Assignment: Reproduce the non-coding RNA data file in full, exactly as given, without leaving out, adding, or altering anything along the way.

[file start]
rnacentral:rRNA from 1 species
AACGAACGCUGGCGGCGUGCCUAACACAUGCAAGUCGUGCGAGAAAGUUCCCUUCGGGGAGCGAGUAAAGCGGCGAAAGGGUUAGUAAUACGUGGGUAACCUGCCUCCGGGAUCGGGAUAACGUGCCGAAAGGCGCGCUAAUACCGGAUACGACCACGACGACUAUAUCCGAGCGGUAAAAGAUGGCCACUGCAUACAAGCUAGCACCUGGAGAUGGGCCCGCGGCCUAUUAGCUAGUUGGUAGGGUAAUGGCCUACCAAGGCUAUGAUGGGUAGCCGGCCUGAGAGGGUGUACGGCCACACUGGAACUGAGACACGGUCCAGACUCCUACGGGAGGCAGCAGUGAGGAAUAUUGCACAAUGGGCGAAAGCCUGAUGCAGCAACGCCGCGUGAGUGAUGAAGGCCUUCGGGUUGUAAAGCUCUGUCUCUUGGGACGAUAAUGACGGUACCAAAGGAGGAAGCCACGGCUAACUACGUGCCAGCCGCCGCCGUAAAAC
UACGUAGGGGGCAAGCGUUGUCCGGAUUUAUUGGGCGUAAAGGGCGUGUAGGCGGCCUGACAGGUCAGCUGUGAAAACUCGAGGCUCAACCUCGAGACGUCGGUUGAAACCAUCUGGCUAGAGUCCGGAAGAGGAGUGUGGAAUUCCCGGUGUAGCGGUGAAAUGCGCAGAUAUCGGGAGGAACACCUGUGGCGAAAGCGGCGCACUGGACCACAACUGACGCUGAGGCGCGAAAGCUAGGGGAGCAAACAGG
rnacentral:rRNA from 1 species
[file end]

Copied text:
rnacentral:rRNA from 1 species
AACGAACGCUGGCGGCGUGCCUAACACAUGCAAGUCGUGCGAGAAAGUUCCCUUCGGGGAGCGAGUAAAGCGGCGAAAGGGUUAGUAAUACGUGGGUAACCUGCCUCCGGGAUCGGGAUAACGUGCCGAAAGGCGCGCUAAUACCGGAUACGACCACGACGACUAUAUCCGAGCGGUAAAAGAUGGCCACUGCAUACAAGCUAGCACCUGGAGAUGGGCCCGCGGCCUAUUAGCUAGUUGGUAGGGUAAUGGCCUACCAAGGCUAUGAUGGGUAGCCGGCCUGAGAGGGUGUACGGCCACACUGGAACUGAGACACGGUCCAGACUCCUACGGGAGGCAGCAGUGAGGAAUAUUGCACAAUGGGCGAAAGCCUGAUGCAGCAACGCCGCGUGAGUGAUGAAGGCCUUCGGGUUGUAAAGCUCUGUCUCUUGGGACGAUAAUGACGGUACCAAAGGAGGAAGCCACGGCUAACUACGUGCCAGCCGCCGCCGUAAAAC
UACGUAGGGGGCAAGCGUUGUCCGGAUUUAUUGGGCGUAAAGGGCGUGUAGGCGGCCUGACAGGUCAGCUGUGAAAACUCGAGGCUCAACCUCGAGACGUCGGUUGAAACCAUCUGGCUAGAGUCCGGAAGAGGAGUGUGGAAUUCCCGGUGUAGCGGUGAAAUGCGCAGAUAUCGGGAGGAACACCUGUGGCGAAAGCGGCGCACUGGACCACAACUGACGCUGAGGCGCGAAAGCUAGGGGAGCAAACAGG
rnacentral:rRNA from 1 species